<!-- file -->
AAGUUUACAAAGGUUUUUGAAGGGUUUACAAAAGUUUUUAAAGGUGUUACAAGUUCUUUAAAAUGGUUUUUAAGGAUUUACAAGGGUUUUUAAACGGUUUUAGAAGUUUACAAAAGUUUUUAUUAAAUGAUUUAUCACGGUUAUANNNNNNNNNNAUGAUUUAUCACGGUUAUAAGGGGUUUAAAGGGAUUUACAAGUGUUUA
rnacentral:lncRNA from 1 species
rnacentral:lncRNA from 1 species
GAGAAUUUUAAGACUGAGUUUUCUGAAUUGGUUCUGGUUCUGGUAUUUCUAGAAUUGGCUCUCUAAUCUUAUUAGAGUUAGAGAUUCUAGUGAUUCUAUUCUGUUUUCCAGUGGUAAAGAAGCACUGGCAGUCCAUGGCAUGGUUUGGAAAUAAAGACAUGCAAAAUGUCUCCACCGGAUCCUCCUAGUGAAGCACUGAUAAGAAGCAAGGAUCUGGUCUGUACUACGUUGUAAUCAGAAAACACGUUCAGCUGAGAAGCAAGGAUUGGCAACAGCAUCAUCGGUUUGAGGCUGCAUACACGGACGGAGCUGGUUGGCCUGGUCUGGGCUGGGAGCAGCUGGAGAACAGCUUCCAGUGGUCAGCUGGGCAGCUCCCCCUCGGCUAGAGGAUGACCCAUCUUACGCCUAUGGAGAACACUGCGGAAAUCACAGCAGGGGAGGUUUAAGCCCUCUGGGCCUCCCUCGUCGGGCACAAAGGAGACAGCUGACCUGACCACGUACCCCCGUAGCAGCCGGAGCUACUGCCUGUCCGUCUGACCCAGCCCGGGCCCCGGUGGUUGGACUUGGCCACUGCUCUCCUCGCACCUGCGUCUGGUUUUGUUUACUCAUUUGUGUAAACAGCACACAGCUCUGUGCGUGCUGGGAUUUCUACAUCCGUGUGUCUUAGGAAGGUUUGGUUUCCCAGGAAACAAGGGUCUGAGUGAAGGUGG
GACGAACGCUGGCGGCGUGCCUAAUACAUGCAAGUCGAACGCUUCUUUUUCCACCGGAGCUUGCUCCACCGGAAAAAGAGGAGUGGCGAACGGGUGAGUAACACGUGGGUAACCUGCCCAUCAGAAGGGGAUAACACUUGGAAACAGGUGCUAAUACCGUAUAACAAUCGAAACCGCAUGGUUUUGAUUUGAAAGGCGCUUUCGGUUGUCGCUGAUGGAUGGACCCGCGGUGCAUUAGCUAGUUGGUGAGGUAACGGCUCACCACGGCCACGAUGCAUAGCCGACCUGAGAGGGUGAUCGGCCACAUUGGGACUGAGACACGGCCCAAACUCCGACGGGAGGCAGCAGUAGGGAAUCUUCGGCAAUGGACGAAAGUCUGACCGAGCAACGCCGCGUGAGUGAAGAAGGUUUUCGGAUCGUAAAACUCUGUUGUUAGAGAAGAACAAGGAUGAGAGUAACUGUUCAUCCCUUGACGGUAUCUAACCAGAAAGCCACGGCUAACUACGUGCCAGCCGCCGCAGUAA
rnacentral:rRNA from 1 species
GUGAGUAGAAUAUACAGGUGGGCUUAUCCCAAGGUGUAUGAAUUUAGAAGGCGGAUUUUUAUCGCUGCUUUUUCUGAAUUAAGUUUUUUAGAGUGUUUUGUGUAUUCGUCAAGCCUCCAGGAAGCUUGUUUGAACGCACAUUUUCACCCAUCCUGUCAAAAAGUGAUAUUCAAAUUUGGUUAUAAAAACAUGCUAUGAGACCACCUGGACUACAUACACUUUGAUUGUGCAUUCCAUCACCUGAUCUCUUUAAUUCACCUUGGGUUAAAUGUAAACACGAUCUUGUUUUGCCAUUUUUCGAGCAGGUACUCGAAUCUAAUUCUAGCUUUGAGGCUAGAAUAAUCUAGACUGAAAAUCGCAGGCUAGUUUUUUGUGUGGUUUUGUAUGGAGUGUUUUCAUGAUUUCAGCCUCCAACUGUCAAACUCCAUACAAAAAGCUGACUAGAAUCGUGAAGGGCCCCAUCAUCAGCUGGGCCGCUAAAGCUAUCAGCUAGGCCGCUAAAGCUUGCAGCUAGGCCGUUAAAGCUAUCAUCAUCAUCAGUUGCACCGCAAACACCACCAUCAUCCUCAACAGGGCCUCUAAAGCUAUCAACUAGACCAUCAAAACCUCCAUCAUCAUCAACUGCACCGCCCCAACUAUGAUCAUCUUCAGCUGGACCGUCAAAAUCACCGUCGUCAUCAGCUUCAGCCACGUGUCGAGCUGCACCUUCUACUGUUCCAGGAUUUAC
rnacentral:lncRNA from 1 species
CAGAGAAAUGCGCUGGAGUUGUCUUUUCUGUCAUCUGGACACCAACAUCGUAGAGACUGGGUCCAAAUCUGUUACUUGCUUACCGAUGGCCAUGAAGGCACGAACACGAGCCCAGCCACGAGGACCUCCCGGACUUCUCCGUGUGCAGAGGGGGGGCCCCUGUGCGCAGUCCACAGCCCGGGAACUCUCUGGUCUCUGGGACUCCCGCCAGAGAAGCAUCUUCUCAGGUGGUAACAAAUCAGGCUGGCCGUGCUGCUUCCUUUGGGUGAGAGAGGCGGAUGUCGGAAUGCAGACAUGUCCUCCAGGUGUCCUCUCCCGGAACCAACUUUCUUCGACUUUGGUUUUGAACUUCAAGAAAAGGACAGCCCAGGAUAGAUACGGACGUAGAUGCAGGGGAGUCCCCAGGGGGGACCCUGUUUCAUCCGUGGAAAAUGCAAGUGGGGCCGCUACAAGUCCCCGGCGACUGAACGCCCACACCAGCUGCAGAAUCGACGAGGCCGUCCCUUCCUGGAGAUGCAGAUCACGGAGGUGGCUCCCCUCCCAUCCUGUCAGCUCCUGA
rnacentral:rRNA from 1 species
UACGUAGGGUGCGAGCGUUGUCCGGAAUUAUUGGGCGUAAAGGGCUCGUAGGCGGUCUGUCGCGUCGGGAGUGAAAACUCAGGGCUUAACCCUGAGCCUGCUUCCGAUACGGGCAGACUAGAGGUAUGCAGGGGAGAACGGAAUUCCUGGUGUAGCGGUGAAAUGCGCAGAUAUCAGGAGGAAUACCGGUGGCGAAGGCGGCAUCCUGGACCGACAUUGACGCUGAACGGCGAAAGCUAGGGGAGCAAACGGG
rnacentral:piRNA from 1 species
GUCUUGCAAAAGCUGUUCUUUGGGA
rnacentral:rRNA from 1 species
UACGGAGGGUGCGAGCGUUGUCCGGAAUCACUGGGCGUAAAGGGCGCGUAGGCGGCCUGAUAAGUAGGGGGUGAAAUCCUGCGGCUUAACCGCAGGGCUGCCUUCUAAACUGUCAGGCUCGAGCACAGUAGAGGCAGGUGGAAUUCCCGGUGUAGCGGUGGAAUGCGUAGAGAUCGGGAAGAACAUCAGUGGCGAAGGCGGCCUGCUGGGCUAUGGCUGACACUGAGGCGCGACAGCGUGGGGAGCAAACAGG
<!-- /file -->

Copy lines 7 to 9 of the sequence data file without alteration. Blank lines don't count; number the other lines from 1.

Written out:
GUGAGUAGAAUAUACAGGUGGGCUUAUCCCAAGGUGUAUGAAUUUAGAAGGCGGAUUUUUAUCGCUGCUUUUUCUGAAUUAAGUUUUUUAGAGUGUUUUGUGUAUUCGUCAAGCCUCCAGGAAGCUUGUUUGAACGCACAUUUUCACCCAUCCUGUCAAAAAGUGAUAUUCAAAUUUGGUUAUAAAAACAUGCUAUGAGACCACCUGGACUACAUACACUUUGAUUGUGCAUUCCAUCACCUGAUCUCUUUAAUUCACCUUGGGUUAAAUGUAAACACGAUCUUGUUUUGCCAUUUUUCGAGCAGGUACUCGAAUCUAAUUCUAGCUUUGAGGCUAGAAUAAUCUAGACUGAAAAUCGCAGGCUAGUUUUUUGUGUGGUUUUGUAUGGAGUGUUUUCAUGAUUUCAGCCUCCAACUGUCAAACUCCAUACAAAAAGCUGACUAGAAUCGUGAAGGGCCCCAUCAUCAGCUGGGCCGCUAAAGCUAUCAGCUAGGCCGCUAAAGCUUGCAGCUAGGCCGUUAAAGCUAUCAUCAUCAUCAGUUGCACCGCAAACACCACCAUCAUCCUCAACAGGGCCUCUAAAGCUAUCAACUAGACCAUCAAAACCUCCAUCAUCAUCAACUGCACCGCCCCAACUAUGAUCAUCUUCAGCUGGACCGUCAAAAUCACCGUCGUCAUCAGCUUCAGCCACGUGUCGAGCUGCACCUUCUACUGUUCCAGGAUUUAC
rnacentral:lncRNA from 1 species
CAGAGAAAUGCGCUGGAGUUGUCUUUUCUGUCAUCUGGACACCAACAUCGUAGAGACUGGGUCCAAAUCUGUUACUUGCUUACCGAUGGCCAUGAAGGCACGAACACGAGCCCAGCCACGAGGACCUCCCGGACUUCUCCGUGUGCAGAGGGGGGGCCCCUGUGCGCAGUCCACAGCCCGGGAACUCUCUGGUCUCUGGGACUCCCGCCAGAGAAGCAUCUUCUCAGGUGGUAACAAAUCAGGCUGGCCGUGCUGCUUCCUUUGGGUGAGAGAGGCGGAUGUCGGAAUGCAGACAUGUCCUCCAGGUGUCCUCUCCCGGAACCAACUUUCUUCGACUUUGGUUUUGAACUUCAAGAAAAGGACAGCCCAGGAUAGAUACGGACGUAGAUGCAGGGGAGUCCCCAGGGGGGACCCUGUUUCAUCCGUGGAAAAUGCAAGUGGGGCCGCUACAAGUCCCCGGCGACUGAACGCCCACACCAGCUGCAGAAUCGACGAGGCCGUCCCUUCCUGGAGAUGCAGAUCACGGAGGUGGCUCCCCUCCCAUCCUGUCAGCUCCUGA